1. Find your purpose

Figure out what you’re good at, what your gifts are and how you can contribute those to the world in some way. Pay close attention to what you love, the subject matters that you enjoy in school, the books and articles you like reading, the things you would do in your spare time if you had the time to just explore. If you’re having a hard time figuring out your skills and interests, develop relationships with people who are older and wiser than you, who can have a greater sense of clarity about who you are and what you’re good at than you do yourself. Then, ask yourself what is the contribution that you want to make to the world to make it a better place—either today or in general.

2. Set top-level goals to put your purpose to use

There are immediate goals like getting to work on time, exercising or going grocery shopping. Those are just dictated to us by the requirements of day-to-day living. We also have higher level goals which represent our aspirations, our hopes and help us achieve our purpose. My purpose is to be a writer and inspire people with ideas so goals that help me get there are writing for different publications to test out ideas and see how others respond, interviewing people to see if I can incorporate their views in my writing and reading as much as I can to get a full sense of what I’m researching. If your purpose is to be a good friend or person, some goals you might set are to make sure you’re calling your friends regularly or reaching out to those who seem like they’re struggling or suffering.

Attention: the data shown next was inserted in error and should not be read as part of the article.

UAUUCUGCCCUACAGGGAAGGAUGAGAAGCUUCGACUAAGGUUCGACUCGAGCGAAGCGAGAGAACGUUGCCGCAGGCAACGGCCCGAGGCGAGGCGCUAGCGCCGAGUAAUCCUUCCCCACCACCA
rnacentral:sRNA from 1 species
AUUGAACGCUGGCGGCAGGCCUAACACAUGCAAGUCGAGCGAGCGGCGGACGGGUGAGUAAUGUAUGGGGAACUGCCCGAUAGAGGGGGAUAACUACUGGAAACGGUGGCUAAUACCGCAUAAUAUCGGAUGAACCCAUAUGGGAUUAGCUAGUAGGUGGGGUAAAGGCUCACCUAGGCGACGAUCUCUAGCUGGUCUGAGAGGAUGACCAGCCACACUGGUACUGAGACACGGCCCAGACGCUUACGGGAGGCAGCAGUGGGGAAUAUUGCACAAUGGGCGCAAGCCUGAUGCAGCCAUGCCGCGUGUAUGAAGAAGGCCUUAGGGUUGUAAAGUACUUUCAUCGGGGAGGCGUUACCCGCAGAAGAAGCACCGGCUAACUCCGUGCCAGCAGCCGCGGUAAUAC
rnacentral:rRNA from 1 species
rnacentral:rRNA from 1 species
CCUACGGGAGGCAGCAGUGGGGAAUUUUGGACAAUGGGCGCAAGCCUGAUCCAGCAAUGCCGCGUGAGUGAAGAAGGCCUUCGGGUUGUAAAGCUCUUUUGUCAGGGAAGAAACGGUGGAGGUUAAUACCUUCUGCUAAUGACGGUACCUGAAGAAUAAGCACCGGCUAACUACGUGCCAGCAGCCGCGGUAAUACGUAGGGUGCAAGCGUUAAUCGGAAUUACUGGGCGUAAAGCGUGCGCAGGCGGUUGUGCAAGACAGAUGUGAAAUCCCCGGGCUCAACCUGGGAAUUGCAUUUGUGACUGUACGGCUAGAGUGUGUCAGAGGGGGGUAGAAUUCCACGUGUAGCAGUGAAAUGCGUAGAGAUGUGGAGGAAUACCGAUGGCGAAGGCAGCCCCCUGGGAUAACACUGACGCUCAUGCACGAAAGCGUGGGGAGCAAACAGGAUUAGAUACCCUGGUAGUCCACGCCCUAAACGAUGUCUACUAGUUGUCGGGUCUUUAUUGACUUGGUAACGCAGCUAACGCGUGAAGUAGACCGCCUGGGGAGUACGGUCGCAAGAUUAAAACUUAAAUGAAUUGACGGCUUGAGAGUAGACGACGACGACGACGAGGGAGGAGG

3. Pursue activities and relationships that are important to you

Reflect on the experiences and connections that you cherish and see what it is about them that’s meaningful to you. Is it the fact that you’re getting to use one of your abilities to give back to others? Is it because in a relationship you feel that someone really understands you and you understand them?

4. Exercise your giving hand

Human beings are social and moral animals. There’s this myth in American culture of individualism and that humans can be self-sufficient, but we need one another. I think we derive most meaning from giving to others because we’re fundamentally creatures that belong to a social unit.

5. Review your past